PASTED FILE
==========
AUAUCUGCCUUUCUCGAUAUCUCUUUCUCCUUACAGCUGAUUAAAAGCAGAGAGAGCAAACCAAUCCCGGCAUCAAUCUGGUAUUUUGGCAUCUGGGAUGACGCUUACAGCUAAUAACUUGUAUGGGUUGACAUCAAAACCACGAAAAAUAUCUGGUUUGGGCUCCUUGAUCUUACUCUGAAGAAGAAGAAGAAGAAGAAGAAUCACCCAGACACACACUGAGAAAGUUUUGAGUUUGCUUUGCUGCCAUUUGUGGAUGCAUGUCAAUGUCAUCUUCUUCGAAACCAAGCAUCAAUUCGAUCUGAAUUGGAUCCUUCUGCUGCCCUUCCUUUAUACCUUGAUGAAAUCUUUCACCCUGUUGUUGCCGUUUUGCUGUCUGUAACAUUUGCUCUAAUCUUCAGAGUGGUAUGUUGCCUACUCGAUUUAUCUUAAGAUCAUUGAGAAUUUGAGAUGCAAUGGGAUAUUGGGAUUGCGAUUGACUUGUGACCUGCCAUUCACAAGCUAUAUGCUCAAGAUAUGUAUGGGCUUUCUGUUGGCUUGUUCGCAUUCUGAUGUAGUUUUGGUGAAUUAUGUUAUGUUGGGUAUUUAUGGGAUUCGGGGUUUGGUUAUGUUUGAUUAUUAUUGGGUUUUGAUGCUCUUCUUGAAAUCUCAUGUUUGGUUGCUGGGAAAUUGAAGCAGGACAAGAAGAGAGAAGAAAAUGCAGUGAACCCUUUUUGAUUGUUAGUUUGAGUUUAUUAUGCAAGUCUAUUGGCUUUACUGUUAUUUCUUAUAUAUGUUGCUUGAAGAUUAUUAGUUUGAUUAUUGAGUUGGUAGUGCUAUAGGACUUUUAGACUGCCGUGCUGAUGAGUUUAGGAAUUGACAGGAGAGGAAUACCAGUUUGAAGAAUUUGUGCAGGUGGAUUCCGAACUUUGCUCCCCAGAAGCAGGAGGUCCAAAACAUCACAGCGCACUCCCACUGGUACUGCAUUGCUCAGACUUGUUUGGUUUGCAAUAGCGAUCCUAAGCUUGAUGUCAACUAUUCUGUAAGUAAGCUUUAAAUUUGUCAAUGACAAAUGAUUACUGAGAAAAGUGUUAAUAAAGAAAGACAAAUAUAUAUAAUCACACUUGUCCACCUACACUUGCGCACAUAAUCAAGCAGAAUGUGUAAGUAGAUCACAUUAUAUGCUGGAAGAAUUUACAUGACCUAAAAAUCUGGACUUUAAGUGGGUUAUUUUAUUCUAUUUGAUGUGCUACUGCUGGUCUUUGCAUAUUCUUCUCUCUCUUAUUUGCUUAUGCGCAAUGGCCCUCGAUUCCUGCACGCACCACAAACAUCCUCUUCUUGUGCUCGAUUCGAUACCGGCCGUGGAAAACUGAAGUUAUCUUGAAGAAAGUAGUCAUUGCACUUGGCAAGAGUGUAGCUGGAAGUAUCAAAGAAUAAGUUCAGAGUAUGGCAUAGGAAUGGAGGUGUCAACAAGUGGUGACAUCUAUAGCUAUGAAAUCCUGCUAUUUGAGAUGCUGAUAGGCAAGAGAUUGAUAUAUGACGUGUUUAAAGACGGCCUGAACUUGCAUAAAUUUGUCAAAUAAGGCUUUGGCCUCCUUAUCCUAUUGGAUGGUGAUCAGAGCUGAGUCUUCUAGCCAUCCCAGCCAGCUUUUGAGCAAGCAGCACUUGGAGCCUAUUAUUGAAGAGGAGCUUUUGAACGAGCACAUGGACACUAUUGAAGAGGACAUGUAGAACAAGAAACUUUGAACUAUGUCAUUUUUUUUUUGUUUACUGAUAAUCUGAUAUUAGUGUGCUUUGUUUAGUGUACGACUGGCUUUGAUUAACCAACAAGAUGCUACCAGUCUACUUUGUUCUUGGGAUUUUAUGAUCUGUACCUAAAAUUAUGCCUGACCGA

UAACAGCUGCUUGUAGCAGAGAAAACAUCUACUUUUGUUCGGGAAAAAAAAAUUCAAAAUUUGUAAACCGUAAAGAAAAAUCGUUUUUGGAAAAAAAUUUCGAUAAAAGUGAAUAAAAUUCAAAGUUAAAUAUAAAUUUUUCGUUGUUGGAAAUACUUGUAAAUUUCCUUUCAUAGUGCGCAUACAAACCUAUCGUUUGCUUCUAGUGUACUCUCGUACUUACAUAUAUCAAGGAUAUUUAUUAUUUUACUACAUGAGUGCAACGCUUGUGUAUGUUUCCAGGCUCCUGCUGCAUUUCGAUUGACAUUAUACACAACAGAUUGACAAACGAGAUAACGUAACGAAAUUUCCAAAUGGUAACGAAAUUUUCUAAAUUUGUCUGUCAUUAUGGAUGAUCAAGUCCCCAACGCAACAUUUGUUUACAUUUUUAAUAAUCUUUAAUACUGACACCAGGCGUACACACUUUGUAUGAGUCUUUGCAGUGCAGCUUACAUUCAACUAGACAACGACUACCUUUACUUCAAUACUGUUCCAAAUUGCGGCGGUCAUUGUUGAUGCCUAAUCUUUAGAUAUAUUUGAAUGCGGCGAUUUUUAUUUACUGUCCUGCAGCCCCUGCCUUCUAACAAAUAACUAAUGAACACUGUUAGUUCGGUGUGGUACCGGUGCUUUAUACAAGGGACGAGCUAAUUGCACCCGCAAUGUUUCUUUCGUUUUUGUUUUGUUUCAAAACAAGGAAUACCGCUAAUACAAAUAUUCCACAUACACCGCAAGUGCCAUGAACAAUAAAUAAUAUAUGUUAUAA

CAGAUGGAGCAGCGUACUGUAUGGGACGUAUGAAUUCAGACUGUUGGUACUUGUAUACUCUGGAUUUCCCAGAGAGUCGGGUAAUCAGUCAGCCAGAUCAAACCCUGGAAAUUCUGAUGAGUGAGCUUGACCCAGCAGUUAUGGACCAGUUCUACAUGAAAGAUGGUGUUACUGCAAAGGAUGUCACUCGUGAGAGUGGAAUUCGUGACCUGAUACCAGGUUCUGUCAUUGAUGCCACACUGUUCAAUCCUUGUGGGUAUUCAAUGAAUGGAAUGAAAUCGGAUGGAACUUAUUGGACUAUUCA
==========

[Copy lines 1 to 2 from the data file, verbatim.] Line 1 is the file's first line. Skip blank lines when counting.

AUAUCUGCCUUUCUCGAUAUCUCUUUCUCCUUACAGCUGAUUAAAAGCAGAGAGAGCAAACCAAUCCCGGCAUCAAUCUGGUAUUUUGGCAUCUGGGAUGACGCUUACAGCUAAUAACUUGUAUGGGUUGACAUCAAAACCACGAAAAAUAUCUGGUUUGGGCUCCUUGAUCUUACUCUGAAGAAGAAGAAGAAGAAGAAGAAUCACCCAGACACACACUGAGAAAGUUUUGAGUUUGCUUUGCUGCCAUUUGUGGAUGCAUGUCAAUGUCAUCUUCUUCGAAACCAAGCAUCAAUUCGAUCUGAAUUGGAUCCUUCUGCUGCCCUUCCUUUAUACCUUGAUGAAAUCUUUCACCCUGUUGUUGCCGUUUUGCUGUCUGUAACAUUUGCUCUAAUCUUCAGAGUGGUAUGUUGCCUACUCGAUUUAUCUUAAGAUCAUUGAGAAUUUGAGAUGCAAUGGGAUAUUGGGAUUGCGAUUGACUUGUGACCUGCCAUUCACAAGCUAUAUGCUCAAGAUAUGUAUGGGCUUUCUGUUGGCUUGUUCGCAUUCUGAUGUAGUUUUGGUGAAUUAUGUUAUGUUGGGUAUUUAUGGGAUUCGGGGUUUGGUUAUGUUUGAUUAUUAUUGGGUUUUGAUGCUCUUCUUGAAAUCUCAUGUUUGGUUGCUGGGAAAUUGAAGCAGGACAAGAAGAGAGAAGAAAAUGCAGUGAACCCUUUUUGAUUGUUAGUUUGAGUUUAUUAUGCAAGUCUAUUGGCUUUACUGUUAUUUCUUAUAUAUGUUGCUUGAAGAUUAUUAGUUUGAUUAUUGAGUUGGUAGUGCUAUAGGACUUUUAGACUGCCGUGCUGAUGAGUUUAGGAAUUGACAGGAGAGGAAUACCAGUUUGAAGAAUUUGUGCAGGUGGAUUCCGAACUUUGCUCCCCAGAAGCAGGAGGUCCAAAACAUCACAGCGCACUCCCACUGGUACUGCAUUGCUCAGACUUGUUUGGUUUGCAAUAGCGAUCCUAAGCUUGAUGUCAACUAUUCUGUAAGUAAGCUUUAAAUUUGUCAAUGACAAAUGAUUACUGAGAAAAGUGUUAAUAAAGAAAGACAAAUAUAUAUAAUCACACUUGUCCACCUACACUUGCGCACAUAAUCAAGCAGAAUGUGUAAGUAGAUCACAUUAUAUGCUGGAAGAAUUUACAUGACCUAAAAAUCUGGACUUUAAGUGGGUUAUUUUAUUCUAUUUGAUGUGCUACUGCUGGUCUUUGCAUAUUCUUCUCUCUCUUAUUUGCUUAUGCGCAAUGGCCCUCGAUUCCUGCACGCACCACAAACAUCCUCUUCUUGUGCUCGAUUCGAUACCGGCCGUGGAAAACUGAAGUUAUCUUGAAGAAAGUAGUCAUUGCACUUGGCAAGAGUGUAGCUGGAAGUAUCAAAGAAUAAGUUCAGAGUAUGGCAUAGGAAUGGAGGUGUCAACAAGUGGUGACAUCUAUAGCUAUGAAAUCCUGCUAUUUGAGAUGCUGAUAGGCAAGAGAUUGAUAUAUGACGUGUUUAAAGACGGCCUGAACUUGCAUAAAUUUGUCAAAUAAGGCUUUGGCCUCCUUAUCCUAUUGGAUGGUGAUCAGAGCUGAGUCUUCUAGCCAUCCCAGCCAGCUUUUGAGCAAGCAGCACUUGGAGCCUAUUAUUGAAGAGGAGCUUUUGAACGAGCACAUGGACACUAUUGAAGAGGACAUGUAGAACAAGAAACUUUGAACUAUGUCAUUUUUUUUUUGUUUACUGAUAAUCUGAUAUUAGUGUGCUUUGUUUAGUGUACGACUGGCUUUGAUUAACCAACAAGAUGCUACCAGUCUACUUUGUUCUUGGGAUUUUAUGAUCUGUACCUAAAAUUAUGCCUGACCGA

UAACAGCUGCUUGUAGCAGAGAAAACAUCUACUUUUGUUCGGGAAAAAAAAAUUCAAAAUUUGUAAACCGUAAAGAAAAAUCGUUUUUGGAAAAAAAUUUCGAUAAAAGUGAAUAAAAUUCAAAGUUAAAUAUAAAUUUUUCGUUGUUGGAAAUACUUGUAAAUUUCCUUUCAUAGUGCGCAUACAAACCUAUCGUUUGCUUCUAGUGUACUCUCGUACUUACAUAUAUCAAGGAUAUUUAUUAUUUUACUACAUGAGUGCAACGCUUGUGUAUGUUUCCAGGCUCCUGCUGCAUUUCGAUUGACAUUAUACACAACAGAUUGACAAACGAGAUAACGUAACGAAAUUUCCAAAUGGUAACGAAAUUUUCUAAAUUUGUCUGUCAUUAUGGAUGAUCAAGUCCCCAACGCAACAUUUGUUUACAUUUUUAAUAAUCUUUAAUACUGACACCAGGCGUACACACUUUGUAUGAGUCUUUGCAGUGCAGCUUACAUUCAACUAGACAACGACUACCUUUACUUCAAUACUGUUCCAAAUUGCGGCGGUCAUUGUUGAUGCCUAAUCUUUAGAUAUAUUUGAAUGCGGCGAUUUUUAUUUACUGUCCUGCAGCCCCUGCCUUCUAACAAAUAACUAAUGAACACUGUUAGUUCGGUGUGGUACCGGUGCUUUAUACAAGGGACGAGCUAAUUGCACCCGCAAUGUUUCUUUCGUUUUUGUUUUGUUUCAAAACAAGGAAUACCGCUAAUACAAAUAUUCCACAUACACCGCAAGUGCCAUGAACAAUAAAUAAUAUAUGUUAUAA